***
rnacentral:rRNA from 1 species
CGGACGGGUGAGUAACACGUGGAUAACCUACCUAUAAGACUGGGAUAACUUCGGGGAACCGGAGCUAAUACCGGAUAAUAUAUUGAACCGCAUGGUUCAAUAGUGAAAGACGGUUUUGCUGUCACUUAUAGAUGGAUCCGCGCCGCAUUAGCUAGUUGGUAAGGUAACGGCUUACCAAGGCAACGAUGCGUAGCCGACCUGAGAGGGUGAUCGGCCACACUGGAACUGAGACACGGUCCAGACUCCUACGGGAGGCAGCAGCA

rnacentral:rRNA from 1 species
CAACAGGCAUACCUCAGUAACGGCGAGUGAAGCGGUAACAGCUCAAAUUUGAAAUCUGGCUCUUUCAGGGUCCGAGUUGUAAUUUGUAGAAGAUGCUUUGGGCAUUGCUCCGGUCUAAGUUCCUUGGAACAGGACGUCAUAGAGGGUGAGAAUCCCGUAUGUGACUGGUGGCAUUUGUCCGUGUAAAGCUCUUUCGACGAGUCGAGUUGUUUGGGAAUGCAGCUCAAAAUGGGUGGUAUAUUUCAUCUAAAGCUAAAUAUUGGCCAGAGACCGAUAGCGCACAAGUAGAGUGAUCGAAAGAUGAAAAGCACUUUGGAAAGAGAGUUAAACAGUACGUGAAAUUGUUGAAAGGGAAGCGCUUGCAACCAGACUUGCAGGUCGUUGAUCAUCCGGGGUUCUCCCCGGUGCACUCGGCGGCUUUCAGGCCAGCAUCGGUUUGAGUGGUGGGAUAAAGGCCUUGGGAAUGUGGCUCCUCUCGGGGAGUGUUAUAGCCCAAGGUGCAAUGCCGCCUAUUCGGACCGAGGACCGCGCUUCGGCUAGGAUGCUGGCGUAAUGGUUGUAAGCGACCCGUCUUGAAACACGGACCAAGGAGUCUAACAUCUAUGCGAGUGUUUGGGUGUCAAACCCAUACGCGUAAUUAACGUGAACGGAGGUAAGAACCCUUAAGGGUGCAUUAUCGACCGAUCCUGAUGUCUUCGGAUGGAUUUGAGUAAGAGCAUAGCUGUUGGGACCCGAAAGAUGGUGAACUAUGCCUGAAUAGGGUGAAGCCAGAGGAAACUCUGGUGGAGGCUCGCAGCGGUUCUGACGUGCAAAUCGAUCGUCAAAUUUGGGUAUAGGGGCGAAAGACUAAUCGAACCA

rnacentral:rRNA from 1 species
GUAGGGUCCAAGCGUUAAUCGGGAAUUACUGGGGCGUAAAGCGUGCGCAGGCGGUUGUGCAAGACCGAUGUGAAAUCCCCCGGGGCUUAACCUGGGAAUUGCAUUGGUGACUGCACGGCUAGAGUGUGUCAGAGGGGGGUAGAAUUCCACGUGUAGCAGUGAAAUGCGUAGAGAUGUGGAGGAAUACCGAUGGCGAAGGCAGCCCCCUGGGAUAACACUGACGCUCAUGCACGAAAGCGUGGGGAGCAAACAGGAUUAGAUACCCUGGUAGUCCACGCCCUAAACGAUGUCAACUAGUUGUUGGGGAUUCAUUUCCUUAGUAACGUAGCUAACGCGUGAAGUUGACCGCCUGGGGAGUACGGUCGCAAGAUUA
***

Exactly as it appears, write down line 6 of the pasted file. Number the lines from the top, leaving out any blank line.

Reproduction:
GUAGGGUCCAAGCGUUAAUCGGGAAUUACUGGGGCGUAAAGCGUGCGCAGGCGGUUGUGCAAGACCGAUGUGAAAUCCCCCGGGGCUUAACCUGGGAAUUGCAUUGGUGACUGCACGGCUAGAGUGUGUCAGAGGGGGGUAGAAUUCCACGUGUAGCAGUGAAAUGCGUAGAGAUGUGGAGGAAUACCGAUGGCGAAGGCAGCCCCCUGGGAUAACACUGACGCUCAUGCACGAAAGCGUGGGGAGCAAACAGGAUUAGAUACCCUGGUAGUCCACGCCCUAAACGAUGUCAACUAGUUGUUGGGGAUUCAUUUCCUUAGUAACGUAGCUAACGCGUGAAGUUGACCGCCUGGGGAGUACGGUCGCAAGAUUA